You might want to stay away from the verticle mounts, unless you float rivers that aren't overgrown with branches.  It only takes one little branch to snap the tip and ruin your day on the water.  Most of the rivers I fish have some obstructions here or there.  If you do want to have a verticle rod mount it's pretty easy.  Go to most marine shops and buy the ones they use on most saltwater fishing boats.  Just mount it directly to your seat and have rods sitting verticle behind you.  You may have to put a spacer in to push rods out from you a bit so they're not hitting you in back of the head.
 
Normally, when I had my 9' boats I would take down any rods bigger then the length of tubes.  Even if it was a 9'6" rod.  I found that it's better to be safe then sorry.  That's just my .02.
 
 
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post #13 of 18 (permalink) Old 11-25-2001, 12:20 PM Thread Starter
 
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Originator: J_DDate: 11/25/2001 8:20 AM
Good point about horizontal tube catching big waves. maybe that is not such a good idea to have the rod tubes overhanging the pontoons.
 
Couple more questions. Steelheader mentions problems with rocker hulls. A lot of the smaller boats have rocker hulls, some more so than others. Comments, pro and con? Another problem I have heard of is that of the pontoons "tacoing" of folding up on you. Any comments on that?
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post #14 of 18 (permalink) Old 11-26-2001, 06:49 AM Thread Starter
 
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To loco alto
 
Thanks for the pictures.  I never considered putting the rods inside of the frame. 
 
JFK
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post #15 of 18 (permalink) Old 12-10-2001, 01:26 PM Thread Starter
 
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Originator: Steelheader69Date: 12/10/2001 9:26 AM
Yes, they are know (outcasts) to buckle under heavy loads.  I've personally experienced a near buckling on mine.  Was running a class 3/4 and it fealt like my seat was on springs.  Looked and my frame was bowing.  Luckily, was a short run and held together.  I have seen pictures though of an outcast actually collapsing like a book on a class 3/4.  Quite literally sandwiched the guy in.  The big problem with outcasts, bucks, and the like are the way they build their frames.  Mind you, they're great boats for slow water and lakes.  Rocker hulls are designed to rotate, good maneuvering.  But crappy when it comes to whitewater.  I know from personal experience, running them for 12+ years.  You hit serious whitewater and I don't care who it is, you'll be having a rough time in those boats.  I started out running these things in whitewater only and have seen what class 4's do to boats like my 16', let alone an 8-9' rocker hulled cataraft.  Those who have said their smaller boats made it through a class 4 are either 1. running a Steelheader by skookum 2. lying or 3. not really running a class 4, but maybe a class 3 or less.  I've punched a few class 4's that literally have sent my 16' cat sailing in the air, with BOTH frames on it loaded with gear for a weekend float.  Now, that I've sailed off the point a bit, but the frames on those low end boats aren't built for hardcore water.  They're only built with maybe 2 or 3 crossmembers.  Usually square tubes and maybe 3/4 inch diameter.  Not enough stability and strength to hold you.  Want to find out if you're boat is truly whitewater ready?  If it is truly stable enough to handle class 3's up?  Stop the boat, and stand up.  Plain and simple.  If you don't have a standing platform, jump on the seat.  If you can't do this without trying to do a balancing act then keep it under the 3's.  You want as much tube in water as possible but still drawing some rise on tubes.  My 9' steelheader I had was wonderful for a one man boat.  Beat the pac 9 and fishcat I once had and the bucks bags I had used.  I could actually stand up on a platform IN FRONT of my seat and fish without balancing.  Mind you, if you put a platform in front of seat on an outcast or bucks and try standing up, well, just say you better have a life jacket on.  LOL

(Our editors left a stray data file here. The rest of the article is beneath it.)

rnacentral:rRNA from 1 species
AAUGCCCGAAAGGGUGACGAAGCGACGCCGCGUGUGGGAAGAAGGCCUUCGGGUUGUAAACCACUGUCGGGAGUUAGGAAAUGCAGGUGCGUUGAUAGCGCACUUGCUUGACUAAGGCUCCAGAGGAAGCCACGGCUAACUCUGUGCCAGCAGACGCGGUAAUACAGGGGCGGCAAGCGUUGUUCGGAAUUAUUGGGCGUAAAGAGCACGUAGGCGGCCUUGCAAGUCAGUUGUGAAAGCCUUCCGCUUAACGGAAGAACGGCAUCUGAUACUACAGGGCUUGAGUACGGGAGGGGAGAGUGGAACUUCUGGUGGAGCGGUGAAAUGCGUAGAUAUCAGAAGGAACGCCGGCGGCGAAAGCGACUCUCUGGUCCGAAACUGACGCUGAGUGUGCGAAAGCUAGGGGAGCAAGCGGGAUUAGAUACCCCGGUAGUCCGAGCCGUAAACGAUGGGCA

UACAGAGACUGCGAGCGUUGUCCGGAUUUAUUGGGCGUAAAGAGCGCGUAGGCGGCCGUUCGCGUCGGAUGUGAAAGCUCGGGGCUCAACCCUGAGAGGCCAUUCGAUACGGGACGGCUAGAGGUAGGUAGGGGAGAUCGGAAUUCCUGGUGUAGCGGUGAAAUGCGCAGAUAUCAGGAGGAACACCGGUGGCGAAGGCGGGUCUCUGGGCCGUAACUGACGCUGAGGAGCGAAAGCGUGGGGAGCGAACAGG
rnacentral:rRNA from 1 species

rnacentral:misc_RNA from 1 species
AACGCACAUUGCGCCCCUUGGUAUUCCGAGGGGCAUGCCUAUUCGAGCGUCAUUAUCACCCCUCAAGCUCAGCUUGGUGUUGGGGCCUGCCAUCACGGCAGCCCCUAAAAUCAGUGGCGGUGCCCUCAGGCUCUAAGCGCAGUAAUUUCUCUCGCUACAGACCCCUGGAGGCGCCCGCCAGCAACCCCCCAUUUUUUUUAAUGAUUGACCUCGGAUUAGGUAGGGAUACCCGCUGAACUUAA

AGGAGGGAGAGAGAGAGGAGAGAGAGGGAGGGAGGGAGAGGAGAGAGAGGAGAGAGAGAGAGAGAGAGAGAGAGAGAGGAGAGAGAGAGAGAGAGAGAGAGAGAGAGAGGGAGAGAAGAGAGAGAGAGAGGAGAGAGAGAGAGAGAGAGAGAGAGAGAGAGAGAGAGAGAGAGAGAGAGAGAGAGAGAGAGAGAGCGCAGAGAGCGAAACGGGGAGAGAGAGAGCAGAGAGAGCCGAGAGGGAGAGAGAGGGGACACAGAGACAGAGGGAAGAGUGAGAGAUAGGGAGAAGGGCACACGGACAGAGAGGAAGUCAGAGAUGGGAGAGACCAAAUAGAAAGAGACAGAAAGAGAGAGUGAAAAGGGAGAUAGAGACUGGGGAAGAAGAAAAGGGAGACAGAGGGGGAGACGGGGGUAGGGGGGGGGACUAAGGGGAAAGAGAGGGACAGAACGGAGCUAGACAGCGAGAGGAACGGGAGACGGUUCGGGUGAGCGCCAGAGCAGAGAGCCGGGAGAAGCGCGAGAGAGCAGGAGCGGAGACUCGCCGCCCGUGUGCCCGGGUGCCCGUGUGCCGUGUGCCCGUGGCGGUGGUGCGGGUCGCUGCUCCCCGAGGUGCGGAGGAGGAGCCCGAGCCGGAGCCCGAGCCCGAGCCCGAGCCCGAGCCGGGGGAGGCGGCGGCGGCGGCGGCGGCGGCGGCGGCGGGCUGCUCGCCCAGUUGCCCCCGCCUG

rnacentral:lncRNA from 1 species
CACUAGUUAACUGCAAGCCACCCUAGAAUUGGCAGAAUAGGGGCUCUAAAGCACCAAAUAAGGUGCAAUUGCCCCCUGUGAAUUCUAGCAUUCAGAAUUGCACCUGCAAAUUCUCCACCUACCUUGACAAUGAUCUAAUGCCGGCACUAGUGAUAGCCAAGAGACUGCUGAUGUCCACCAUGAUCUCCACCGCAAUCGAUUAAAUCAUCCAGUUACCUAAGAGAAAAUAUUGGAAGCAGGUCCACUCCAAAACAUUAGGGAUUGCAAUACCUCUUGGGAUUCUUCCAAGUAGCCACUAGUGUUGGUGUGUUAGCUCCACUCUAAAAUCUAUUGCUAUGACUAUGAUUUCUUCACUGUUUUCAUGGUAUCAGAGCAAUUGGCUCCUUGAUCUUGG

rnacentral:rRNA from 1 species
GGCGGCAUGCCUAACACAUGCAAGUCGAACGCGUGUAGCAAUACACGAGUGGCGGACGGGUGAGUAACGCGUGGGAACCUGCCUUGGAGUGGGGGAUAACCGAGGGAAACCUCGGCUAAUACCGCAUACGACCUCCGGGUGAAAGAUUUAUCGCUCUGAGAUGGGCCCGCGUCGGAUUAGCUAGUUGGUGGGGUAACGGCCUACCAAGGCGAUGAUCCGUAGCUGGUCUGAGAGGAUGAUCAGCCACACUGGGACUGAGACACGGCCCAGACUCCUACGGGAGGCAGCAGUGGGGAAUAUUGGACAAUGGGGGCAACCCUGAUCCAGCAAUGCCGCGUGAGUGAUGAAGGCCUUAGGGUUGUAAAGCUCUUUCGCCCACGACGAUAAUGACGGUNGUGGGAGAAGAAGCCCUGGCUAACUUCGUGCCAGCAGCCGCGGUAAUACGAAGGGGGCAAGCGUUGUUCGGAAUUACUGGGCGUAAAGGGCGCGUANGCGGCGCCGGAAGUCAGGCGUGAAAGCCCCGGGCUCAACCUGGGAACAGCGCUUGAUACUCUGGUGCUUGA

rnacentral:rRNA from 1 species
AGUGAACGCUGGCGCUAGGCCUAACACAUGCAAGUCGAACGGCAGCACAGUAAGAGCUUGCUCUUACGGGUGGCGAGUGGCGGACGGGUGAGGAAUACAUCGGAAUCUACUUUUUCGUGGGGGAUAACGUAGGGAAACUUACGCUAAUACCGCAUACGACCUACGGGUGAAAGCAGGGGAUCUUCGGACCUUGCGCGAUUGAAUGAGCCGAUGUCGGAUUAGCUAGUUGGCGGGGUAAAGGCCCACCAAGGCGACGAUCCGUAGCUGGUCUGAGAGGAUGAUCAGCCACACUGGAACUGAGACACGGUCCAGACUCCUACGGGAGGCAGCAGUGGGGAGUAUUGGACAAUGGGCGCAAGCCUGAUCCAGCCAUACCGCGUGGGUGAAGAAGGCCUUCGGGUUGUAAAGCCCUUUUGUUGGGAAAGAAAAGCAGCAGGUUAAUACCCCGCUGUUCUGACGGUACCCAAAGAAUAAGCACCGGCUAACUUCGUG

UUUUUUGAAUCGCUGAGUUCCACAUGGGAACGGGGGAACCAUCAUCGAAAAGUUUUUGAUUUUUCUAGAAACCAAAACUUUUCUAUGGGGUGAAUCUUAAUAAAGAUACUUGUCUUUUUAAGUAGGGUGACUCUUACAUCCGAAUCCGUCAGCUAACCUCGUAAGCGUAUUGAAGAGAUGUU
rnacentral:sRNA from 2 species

You know, if any of you have a question about cats, let me know.  I have about as much, if not more with cataraft then anyone.  I actually bought mine to whitewater around 1989 and then converted it quite awhile ago to fishing (gave up my driftboat after daughter was born and could only have one boat at time besides my sled).  I've run most boats out there.  In the whitewater realm I've really tested out a few boats.  From Sotar up to Maravia and most inbetween.  Bucketboats to selfbailers, kayaks up to cats.